'Friendship Match' ends in exciting 1-1 deadlock!
Jayel Taylor (Justice, Illinois, USA) Ronnie RJ Nelson, Jr. (Port of Spain, Trinidad, West Indies)

Jayel Taylor
(Justice, Illinois, USA)

Ronnie "RJ" Nelson, Jr.
(Port of Spain, Trinidad, West Indies)

On Wednesday, July 20th, chess fans gathered in Yahoo! Games to witness a historic "Friendship Match" between 5-year old Jayel Taylor and 6-year old Ronnie "RJ" Nelson, Jr. Despite logging on some 40 minutes early, technical difficulties in Trinidad forced the match to be postponed. There were several people who waited patiently including Bernard Parham II. Time wasn't lost and Jayel played a few games with Daaim Shabazz.

The match was rescheduled for
Thursday, July 21st, but shortly before the match, Jayel's connection went down. FM Ryan Harper stopped by to watch, but was informed about the problem and the rescheduling for Saturday. Shabazz ended up playing Ronnie a couple of games with intermittent advice. It would be  Ronnie's first games online! Both players play similar chess, but Jayel tends to be more aggressive. Both were given Bruce Pandolfini's 64 Commandments of Chess, a primer for basic principles of play.

Game #1 On Saturday, July 23rd, everything both players entered Yahoo's "Pristine Palace" minutes early in anticipation for battle.  After a few technical issues with the timer, Shabazz explained the rules and the games started shortly after 6:00pm. In the first game, Ronnie trotted out 1.e4 after which Jayel played 1c5 and a Rossolimo Sicilian followed. The game started very calmly until the board exploded with pawn Jayel's pawn sacrifice in the center with 14d5!?

In the position (on the right), white has to proceed with caution, but he can actually take one of the pawns without much danger; however, Ronnie grabbed two pawns and ended up facing an attack after 17Bd6. Jayel got a winning attack, but overlooked a two-move mating sequence. The game turned into blitz despite the 30-minute time limit. Mistakes mounted.

After several pieces were traded, and Ronnie had survived the attack with a material advantage, Jayel had one last chance to draw the game by a perpetual check after
36.Rg2 with 36Qh1+ 37.Rg1 Qh3+. On 38.Ke2, black has  38Qxg2+ 39.Ke3 Qf2+ 40.Kf4 g2 when white has to take perpetual check.

Jayel missed this chance and Ronnie remained a rook ahead. Minor drama occurred when Ronnie, trying to deliver mate in one, lost his queen to a mouse slip, but promoted an extra pawn for another queen and wrapped up the game with a clean mate.

Playing black, Jayel broke in the center sacrificing a pawn. Ronnie took two pawns and came under attack. Jayel actually missed a chance to win the game with a two-move combination.

Playing black, Jayel broke in the center sacrificing a pawn. Ronnie took two pawns and came under attack. Jayel actually missed a chance to win the game with a two-move mating sequence.

Game #2 With Ronnie playing black, the second game was  Four Knights game. Both made some serious tactical mistakes in the opening, but the game settled down very nicely. Jayel sacrificed a pawn in the opening to activate his bishops.  This seems to be the hallmark of Jayel's play. He likes open lines and attacking play while Ronnie will fianchetto his bishop, develop pieces and go for positional play. 

As the game wore on, Ronnie was trying to hold on to his pawn advantage while Jayel was trying to exploit the dark squares around the black king. Jayel played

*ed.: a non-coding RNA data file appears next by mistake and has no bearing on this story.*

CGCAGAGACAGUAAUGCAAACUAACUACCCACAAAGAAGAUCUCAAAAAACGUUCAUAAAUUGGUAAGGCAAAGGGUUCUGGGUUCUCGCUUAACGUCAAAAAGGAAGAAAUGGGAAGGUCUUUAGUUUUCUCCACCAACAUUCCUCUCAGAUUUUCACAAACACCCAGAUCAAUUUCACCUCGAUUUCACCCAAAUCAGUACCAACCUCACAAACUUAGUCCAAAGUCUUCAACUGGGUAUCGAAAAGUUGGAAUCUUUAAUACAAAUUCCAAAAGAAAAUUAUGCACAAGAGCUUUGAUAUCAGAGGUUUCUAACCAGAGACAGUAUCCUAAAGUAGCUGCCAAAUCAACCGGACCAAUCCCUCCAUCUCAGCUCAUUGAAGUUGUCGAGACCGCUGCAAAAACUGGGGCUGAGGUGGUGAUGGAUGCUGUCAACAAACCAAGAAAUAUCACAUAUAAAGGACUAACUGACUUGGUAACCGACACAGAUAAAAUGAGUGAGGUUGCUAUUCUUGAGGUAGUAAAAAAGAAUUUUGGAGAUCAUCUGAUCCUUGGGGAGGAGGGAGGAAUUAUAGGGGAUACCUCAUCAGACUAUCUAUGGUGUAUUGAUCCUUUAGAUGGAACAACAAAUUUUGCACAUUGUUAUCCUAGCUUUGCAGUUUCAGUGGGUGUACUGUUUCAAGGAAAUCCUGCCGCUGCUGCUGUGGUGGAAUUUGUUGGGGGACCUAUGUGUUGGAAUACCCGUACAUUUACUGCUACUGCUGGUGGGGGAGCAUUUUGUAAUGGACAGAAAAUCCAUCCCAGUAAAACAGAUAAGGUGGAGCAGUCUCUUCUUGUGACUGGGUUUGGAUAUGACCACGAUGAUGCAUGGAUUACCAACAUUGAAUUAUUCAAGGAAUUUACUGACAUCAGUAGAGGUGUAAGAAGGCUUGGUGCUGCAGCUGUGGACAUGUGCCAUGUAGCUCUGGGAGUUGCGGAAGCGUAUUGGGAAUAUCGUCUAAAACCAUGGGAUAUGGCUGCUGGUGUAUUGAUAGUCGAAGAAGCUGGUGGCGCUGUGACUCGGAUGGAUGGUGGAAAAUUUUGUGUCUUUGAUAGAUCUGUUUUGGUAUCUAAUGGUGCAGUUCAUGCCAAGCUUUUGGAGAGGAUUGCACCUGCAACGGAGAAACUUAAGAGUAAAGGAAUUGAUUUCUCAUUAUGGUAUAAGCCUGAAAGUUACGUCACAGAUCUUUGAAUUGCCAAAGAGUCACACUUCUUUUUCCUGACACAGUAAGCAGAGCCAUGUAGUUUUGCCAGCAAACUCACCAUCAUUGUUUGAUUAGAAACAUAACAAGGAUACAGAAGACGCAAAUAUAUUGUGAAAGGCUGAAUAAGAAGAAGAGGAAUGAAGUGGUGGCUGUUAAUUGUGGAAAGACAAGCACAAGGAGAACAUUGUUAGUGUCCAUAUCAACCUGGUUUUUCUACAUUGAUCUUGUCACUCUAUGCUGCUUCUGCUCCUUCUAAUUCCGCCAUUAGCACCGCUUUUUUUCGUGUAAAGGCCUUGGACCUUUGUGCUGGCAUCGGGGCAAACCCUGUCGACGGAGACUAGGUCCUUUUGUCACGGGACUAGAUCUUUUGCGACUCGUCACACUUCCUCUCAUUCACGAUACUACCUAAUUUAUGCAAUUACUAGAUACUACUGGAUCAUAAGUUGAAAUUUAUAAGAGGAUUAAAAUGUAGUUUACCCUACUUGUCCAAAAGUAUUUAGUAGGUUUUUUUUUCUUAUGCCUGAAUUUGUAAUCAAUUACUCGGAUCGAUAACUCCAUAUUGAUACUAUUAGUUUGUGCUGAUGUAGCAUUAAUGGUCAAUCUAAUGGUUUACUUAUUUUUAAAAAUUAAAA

22.Qb2 instead of snapping the exchange with Bxf8 (roughly an equal game) and continued to attack with 29.Qg5. Ronnie intention was to get material off with 29Rxe1 (diagram) 30.Rxe1 (30.Qf6!+-) Re8 31.Rxe8 Qxe8 32.h3 and then 32Nxd4. Looks like a clear win, but after 33.Qf6 (threatening mate) Qe1+ 34.Kh2, Ronnie played 34Qe6?? overlooking to 35.Qg7 mate.

Ronnie starts a sequence of moves by trading down material in a winning position with 29Rxe1, but later overlooked a mate. Of course, 34Qe5+ would have forced an exchange of queens.

Ronnie starts a sequence of moves to trade down material in a winning position with 29Rxe1 30.Rxe1 Re8 31.Rxe8+ Qxe8. This is a good idea in practice, but Jayel missed the in-between move 30.Qf6! immediately black is mated.

Not sure if Ronnie intended to play 34Qe5+ getting the queens off, but this battle was fought fiercely and these two young players will have a bright future if their interest remains. With some coaching and an understanding of tactics and board discipline, they will do well. There were a few spectators such as "martyb," Freddie Taylor (Jayel's father), Lesley-ann Nelson (Ronnie's aunt). James Taylor from Chess University International in Washington, DC mentioned that he was going to bring a laptop to Dupont Circle to follow the games, but was not able to make it. William Blackman of Chicago had arrived later, but the games had already finished.

Ronnie and Jayel are only a few months apart in age and it will be interesting to see how they develop as chess players. This is the beginning of an exciting trend and hopefully, there will be other battles, such as a competition for young women from the African Diaspora. How about a tournament featuring
Sabrina Chevannes (England), Medina Parrilla (USA), Deborah Richards (Jamaica), and Boikhtuso Mudongo (Botswana) sound interesting? There is also a possibility of including Jacob Wamala (age 15 - 1988 USCF rating), Kayin Barclay (age 14 - 1954) and Tapiwa Gwaze (age 13 - 1898). Taylor mentioned a match between parks. How about a consultation match featuring Ronnie and Jayel each paired up with a master? Interesting ideas. Stay tuned!

Note: Thanks to supporters from Trinidad and Tobago, the USA, Barbados, Liberia, St. Vincent, Jamaica and Kenya who sent their well-wishes.

Posted by The Chess Drum: 24 July 2005